From soil testing to seeds, a full run-down on how to plant the best vegetable garden for homesteading beginners.
Before moving onto the homestead, I had some gardening experience but always with other people leading. Hindsight is 20-20 so I’m here to tell you how to plant a vegetable garden and get started on the right foot, right away. If you’ve already started gardening but need a little help, click here.
In this guide:
- Soil testing
- Companion Planting
- Nitrogen and more nitrogen
- Quality Seeds
The first step for your vegetable garden is a SOIL TEST!
If you haven’t had your soil tested and you know how to plant and grow a perfect vegetable garden then hats off to you! I’m not saying it’s impossible! Here in Florida, our “soil” is just sand. That means that we had to buy soil from an outside source. It was a huge mistake not to test the outside source.
The first truckload of soil we got was great! The second truckload, not so much. There were huge chunks of plastic and such in the soil. I should’ve never put in my gardens but I did. Well, fast forward about 1.5 years and I think I’ve mended it alright. My soil test came back normal, with a PERFECT pH! I had a better vegetable garden than I have had in a while but this last season was still rough. I decided to plant cabbage, carrots, garlic, and greens and they were GREAT! So just get your soil tested so you know what you’re working with, what you need, and what you don’t need to start off. I also suggest calling your local county extension office and having someone explain exactly what the results mean. More on why in a moment!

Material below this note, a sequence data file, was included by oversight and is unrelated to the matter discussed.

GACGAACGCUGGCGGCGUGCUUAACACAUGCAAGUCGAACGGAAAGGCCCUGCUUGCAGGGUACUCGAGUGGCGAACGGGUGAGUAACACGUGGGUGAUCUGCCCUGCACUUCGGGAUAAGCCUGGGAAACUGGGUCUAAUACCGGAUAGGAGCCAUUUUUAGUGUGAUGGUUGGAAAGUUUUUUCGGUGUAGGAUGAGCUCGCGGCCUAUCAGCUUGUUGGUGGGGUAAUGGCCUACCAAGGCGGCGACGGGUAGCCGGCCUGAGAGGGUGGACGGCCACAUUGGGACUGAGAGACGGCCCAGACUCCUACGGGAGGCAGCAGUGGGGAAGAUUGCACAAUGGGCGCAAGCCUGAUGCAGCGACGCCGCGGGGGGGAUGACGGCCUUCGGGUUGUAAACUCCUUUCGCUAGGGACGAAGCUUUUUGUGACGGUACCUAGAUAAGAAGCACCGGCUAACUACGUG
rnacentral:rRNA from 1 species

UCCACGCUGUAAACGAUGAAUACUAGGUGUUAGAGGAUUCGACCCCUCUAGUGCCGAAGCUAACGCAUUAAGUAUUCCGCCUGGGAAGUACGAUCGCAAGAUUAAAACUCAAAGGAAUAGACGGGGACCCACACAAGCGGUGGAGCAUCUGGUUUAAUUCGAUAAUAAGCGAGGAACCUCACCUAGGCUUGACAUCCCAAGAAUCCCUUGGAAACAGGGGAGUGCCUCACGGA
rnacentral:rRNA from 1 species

Companion planting is when you plant one crop with another because it benefits the crop in some way. This could be pest control, pollination, providing habitat for beneficial creatures, maximizing the use of space, and/or increasing crop productivity. For example, beans provide broccoli nitrogen. Beans give off loads of nitrogen and broccoli needs it.
I just recently started focusing more on companion planting in my vegetable garden, how could I not? After a season or two, I feel SO SILLY I didn’t start earlier! I grew the best carrots this year and the only reason I can think of why is because I planted them with garlic. This Spring/Summer season I’m really going to focus on companion gardening. I really believe it is a crucial part of gardening. If you’re just starting, there are so many charts you can find online! Just Google “Companion Planting Charts”!
Nitrogen and more nitrogen
Okay, so I told you I’d explain why I think you should call your local county extension office once you had your test results to know how to plant a vegetable garden. Here’s why. When I received my soil test back I thought everything was through the roof but the nitrogen. I didn’t exactly know what I was looking at although I read everything on the papers at least 3 times. The head of the Master Gardener program told me everything was great! SLAP IN THE FACE. This means I just really stunk at vegetable gardening this last season…even though she told me the weather was just so wonky for most plants.
She explained to me that, when getting your soil tested, nitrogen is the hardest thing to test for because the nitrogen in your sample that you send gets less and less strong every day it’s in the bag. This means there’s no real way to know how much nitrogen you have and
When you’re learning how to plant a vegetable garden, it’s so important to understand that seeds matter. I buy all my seeds from Baker Creek Seeds and I’ve never been let down by the quality or time of shipping. There are other really wonderful seed companies out there, too, so do your research and find what works in your garden. I’ve found that heirloom seeds are the best option for my garden and think everyone should grow some heirloom crops. Starting with bad soil is the first unfortunate step, putting terrible seeds in great soil is sad, too. I’m not an affiliate of Baker Creek Seeds, I just love the company and their products. Who do you use? I’d love to hear from you down below! Good
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